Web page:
Living history will be included as Mt. Healthy’s celebrates its bicentennial.  One of the persons to be portrayed is one of the five men from Mt. Healthy who enlisted in the 54th Massachusetts.  Also featured will feature Marshall P.H. Jones, who gave the closing address for the disbanding of Cincinnati’s Black Brigade, and who presented the sword and company flag to Cmdr Dickson.  Jones was a resident of Mt. Healthy. 

The event takes place at the Mt. Healthy Historical Society Museum at 1546 McMakin St. and goes from 1 – 4 pm.  Guides will walk you to Mt. Pleasant Cemetery.

Two hundred years of Mount Healthy history will come alive on Saturday afternoon, Oct. 7th from 12 noon to 4 pm.  Tours start at intervals from 1 to 3 p.m., beginning at the Mt. Healthy History Museum, 1546 McMakin. It will be an afternoon filled with history, heritage and culture as we turn back the clock and celebrate Mt. Healthy’s rich past. Costumed actors will share the personal stories of Mt. Healthy settlers, farmers, abolitionists, artists, and soldiers through the first person voices of the notable individuals or their families. Sponsored by Mt. Healthy Historical Society. Of note : one of five Mt. Healthy men to enlist in the 54th Massachusetts Regiment, and Marshal P.H. Jones, who served in the Cincinnati Black Brigade and who is memorialized at Smale Park presenting the company flag and sword to Colonel Dickson at the disbanding of the unit. Jones’ oration at that occasion was recorded in Peter Clark’s history of the brigade.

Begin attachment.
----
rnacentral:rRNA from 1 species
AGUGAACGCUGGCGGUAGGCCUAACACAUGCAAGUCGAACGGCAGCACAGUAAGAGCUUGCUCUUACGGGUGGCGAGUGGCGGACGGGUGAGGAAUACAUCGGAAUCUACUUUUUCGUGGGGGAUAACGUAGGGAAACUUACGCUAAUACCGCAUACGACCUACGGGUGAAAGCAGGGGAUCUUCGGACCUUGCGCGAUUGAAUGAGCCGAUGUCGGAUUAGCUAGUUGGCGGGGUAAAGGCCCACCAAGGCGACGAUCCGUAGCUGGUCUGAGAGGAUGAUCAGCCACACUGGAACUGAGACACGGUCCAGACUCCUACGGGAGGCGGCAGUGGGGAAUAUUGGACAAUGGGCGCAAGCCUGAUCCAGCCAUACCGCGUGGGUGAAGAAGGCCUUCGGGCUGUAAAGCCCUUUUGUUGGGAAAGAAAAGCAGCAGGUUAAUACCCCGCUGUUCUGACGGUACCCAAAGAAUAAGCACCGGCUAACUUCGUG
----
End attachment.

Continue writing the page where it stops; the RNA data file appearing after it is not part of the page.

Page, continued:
More information on our Facebook page Mt. Healthy Bicentennial: Day of Living History.

If anyone specializes in the 54th Massachusetts or the Cincinnati Black Brigade, please contact Karen Arnett at 513-377-1976.  The  Mt. Healthy Historical Society could use assistance and consultation to make sure the best preparation is done for depicting the two men connected with these two groups.